Nancy Kubale’s ceramic figures don’t look happy and have a foreboding, dark quality, but Kubale disagrees; she explains that the aim in her sculptures is contemplative. “I've said ‘they're not just another pretty face.’ I want people to take a second look and try to figure out what's going on and they wouldn't if I didn't challenge then visually.
Arriving to that point of challenging her audience took close to thirty years. During the early 1980s, Kubale was working with mixed media making what she calls her “stick dolls” that were made from fiber, wood and odds and ends of other materials. About that same time, she took her first ceramics class and loved it, but knew immediately that making bowls and cups for the rest of her life would not keep her interested. Taking what she learned from her class, she started to make clay heads for the stick dolls, and then at some point it hit her to make the whole body from clay. Since that revelation eleven years ago, she has been creating a world of ceramic beings that address the pursuit of Truth and the nature of our humanness.
For Kubale the ceramic processes and techniques are vast and seemingly unlimited. “I think that's why I started out in mixed media. I like exploring and learning. In ceramics you can change clay, learn a building process, experiment with glazes or firing temperatures or methods. It just goes on and on so you can continually grow within the medium.” Another aspect of the medium that Kubale likes is what she describes as its “everyman” material, its history and its heritage (she lives in the foothills North Carolina where there’s been a pottery tradition for generations).
Kubale attended art school during the 1970s where everything was conceptual or minimal. In order to earn a living, she took a clothing construction course during her senior which eventually led to costume design for the theater. The theater, though, wasn’t her first love, but the work paid the bills. After a period of time, she decided to forego her income to wait tables and make her own art. Clothing construction, however, still paid off when it came to creating her art since most of her first attempts at making her clay figures was based from that knowledge and experience.
Observing and questioning are key to Kubale’s art. “I’m intrigued by who we are and how we live…is there a right way to live? What gives us meaning? What gives happiness?” In her body of work there is a common thread of expression and exploration that binds it together. “Within the structure of the human form lies the possibility to recognize ourselves and the opportunity to contemplate the complexities and contradictions of the world we live in.” She uses text for the way language frames experiences and perceptions of those experience. Kubale also uses visual metaphors such as ladders, tags, nails, and windows that she says “express aspiration, experience and epiphany – things that assemble and define a life. I am intrigued by what we think, do, and say, by who we are and how we live - primarily at the soul level.”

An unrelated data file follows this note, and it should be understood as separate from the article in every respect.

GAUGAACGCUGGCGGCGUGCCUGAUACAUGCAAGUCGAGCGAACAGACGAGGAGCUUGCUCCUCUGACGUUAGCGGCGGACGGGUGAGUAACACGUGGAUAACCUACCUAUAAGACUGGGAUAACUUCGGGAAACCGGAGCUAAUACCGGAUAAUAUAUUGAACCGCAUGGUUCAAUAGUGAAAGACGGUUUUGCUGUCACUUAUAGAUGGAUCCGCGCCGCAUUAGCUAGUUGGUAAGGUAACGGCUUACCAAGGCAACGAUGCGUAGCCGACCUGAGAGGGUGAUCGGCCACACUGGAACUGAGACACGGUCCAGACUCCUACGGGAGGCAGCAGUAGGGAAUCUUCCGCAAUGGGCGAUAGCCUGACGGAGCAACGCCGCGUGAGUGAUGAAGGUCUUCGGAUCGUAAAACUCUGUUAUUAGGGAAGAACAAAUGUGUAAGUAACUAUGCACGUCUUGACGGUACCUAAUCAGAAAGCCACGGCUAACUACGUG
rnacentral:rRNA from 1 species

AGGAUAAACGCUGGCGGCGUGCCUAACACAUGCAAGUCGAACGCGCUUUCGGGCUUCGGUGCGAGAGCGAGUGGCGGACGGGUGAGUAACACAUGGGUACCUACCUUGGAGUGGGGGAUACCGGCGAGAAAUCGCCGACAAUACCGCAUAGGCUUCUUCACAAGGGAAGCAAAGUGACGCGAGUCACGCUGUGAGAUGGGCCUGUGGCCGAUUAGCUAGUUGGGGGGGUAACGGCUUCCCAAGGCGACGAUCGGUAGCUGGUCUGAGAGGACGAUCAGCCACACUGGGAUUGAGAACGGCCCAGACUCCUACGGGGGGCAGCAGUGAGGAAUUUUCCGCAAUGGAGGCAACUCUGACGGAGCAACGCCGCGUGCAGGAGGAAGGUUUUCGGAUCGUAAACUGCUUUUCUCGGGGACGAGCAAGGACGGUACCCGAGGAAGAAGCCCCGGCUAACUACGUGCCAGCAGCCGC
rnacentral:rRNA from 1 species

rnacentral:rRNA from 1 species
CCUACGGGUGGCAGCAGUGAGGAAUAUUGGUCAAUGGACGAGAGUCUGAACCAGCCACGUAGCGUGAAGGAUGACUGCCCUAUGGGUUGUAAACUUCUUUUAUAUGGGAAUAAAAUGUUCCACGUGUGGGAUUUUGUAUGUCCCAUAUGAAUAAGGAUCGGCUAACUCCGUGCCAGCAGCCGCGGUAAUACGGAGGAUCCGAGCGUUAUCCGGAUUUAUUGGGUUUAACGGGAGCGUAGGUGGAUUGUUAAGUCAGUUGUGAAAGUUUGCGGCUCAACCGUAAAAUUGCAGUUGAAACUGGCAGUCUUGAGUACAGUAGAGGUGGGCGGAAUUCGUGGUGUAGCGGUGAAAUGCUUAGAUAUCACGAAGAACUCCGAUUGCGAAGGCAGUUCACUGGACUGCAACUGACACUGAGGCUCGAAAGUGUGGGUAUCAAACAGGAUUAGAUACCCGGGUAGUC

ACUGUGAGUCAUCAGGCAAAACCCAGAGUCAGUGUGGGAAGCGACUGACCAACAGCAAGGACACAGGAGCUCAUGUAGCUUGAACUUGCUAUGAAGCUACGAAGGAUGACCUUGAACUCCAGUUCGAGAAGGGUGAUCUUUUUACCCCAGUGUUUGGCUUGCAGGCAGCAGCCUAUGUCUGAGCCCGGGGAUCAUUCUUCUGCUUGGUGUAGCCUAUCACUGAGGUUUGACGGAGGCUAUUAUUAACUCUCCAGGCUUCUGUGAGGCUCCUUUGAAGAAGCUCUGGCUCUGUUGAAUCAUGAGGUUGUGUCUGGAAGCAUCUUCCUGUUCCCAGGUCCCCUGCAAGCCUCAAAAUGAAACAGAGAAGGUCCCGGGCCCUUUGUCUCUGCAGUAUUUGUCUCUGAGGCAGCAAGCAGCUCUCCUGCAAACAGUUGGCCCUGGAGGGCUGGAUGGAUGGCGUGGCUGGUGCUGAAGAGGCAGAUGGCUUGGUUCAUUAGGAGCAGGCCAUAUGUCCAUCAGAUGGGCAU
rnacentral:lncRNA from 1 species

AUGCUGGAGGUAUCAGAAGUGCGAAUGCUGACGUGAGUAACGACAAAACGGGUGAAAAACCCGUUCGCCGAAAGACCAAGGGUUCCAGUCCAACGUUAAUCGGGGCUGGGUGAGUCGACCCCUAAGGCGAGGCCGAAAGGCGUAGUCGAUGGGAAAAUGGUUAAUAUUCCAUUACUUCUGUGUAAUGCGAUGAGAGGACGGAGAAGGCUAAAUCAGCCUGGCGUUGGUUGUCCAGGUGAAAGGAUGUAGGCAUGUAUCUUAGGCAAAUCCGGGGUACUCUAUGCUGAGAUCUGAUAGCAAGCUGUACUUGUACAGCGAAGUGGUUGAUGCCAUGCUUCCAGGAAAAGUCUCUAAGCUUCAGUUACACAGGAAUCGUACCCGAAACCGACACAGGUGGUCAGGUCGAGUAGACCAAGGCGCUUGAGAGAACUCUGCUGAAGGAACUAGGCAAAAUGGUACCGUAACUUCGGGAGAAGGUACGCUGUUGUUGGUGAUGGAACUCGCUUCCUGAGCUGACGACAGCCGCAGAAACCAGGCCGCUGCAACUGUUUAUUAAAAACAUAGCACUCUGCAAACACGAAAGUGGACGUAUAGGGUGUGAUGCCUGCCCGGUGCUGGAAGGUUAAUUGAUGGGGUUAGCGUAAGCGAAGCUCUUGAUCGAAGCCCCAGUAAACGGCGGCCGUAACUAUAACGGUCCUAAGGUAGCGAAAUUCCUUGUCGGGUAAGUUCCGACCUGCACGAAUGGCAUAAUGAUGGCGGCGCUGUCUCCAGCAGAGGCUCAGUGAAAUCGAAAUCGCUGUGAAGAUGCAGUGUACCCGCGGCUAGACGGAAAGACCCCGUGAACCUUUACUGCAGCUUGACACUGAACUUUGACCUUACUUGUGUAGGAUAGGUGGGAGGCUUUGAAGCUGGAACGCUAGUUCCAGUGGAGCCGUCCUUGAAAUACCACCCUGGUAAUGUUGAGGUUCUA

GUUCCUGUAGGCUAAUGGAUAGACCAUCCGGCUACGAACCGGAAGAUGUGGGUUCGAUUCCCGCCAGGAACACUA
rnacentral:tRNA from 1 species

Journals and sketches are the launch pads to her sculptures. “I always have these little notes and ideas on pieces of paper that eventually make it into my sketchbook. So when it's time to start working in wet clay, I go through my sketches and find the piece that I really want to make. Sometimes it's a year or two before I have the “thing” I need to make the piece.” Kubale’s ceramic and mixed media figures begin with hand building techniques in stoneware clay. Kubale layers the surface with terra sigillata, slips, underglaze, stains, oxides, glazes, and underglaze pencils, and fires each piece three to five times. She often uses text or makes decals indicating the concept that initiated the work. After the final firing, the parts are then assembled with wood, metal, fiber and found objects.
Her first big piece, “Blind Guide/Blind Ambition” (prior to the financial downturn) was about going after the next big and best thing (house, car, stuff) without taking into consideration of why they are desired or coveted. “There was a point in my life that my children's friends all lived in these huge, new, beautiful Better Home and Garden houses and I thought wow, I want that! Eventually I realized what I really wanted was a cottage in the mountains that's filled with art, and love and good smells, a garden, dog, etc. The hound leash was filled with tags with writing ‘newer car’, ‘bigger house’ etc....the desires that we blindly let lead us.”
Kubale has achieved her dream of making the art she loves and it keeps her busy. Currently she is preparing for four craft fairs that are coming up in the next six months, and she’ll be speaking at the Palm Beach Fine Craft Show in early March. She cheerfully says, “I work a lot, but feel very blessed that I get to earn a meager living doing what I mostly love to do.”
To learn more about Nancy Kubale, please visit www.nancykubale.com.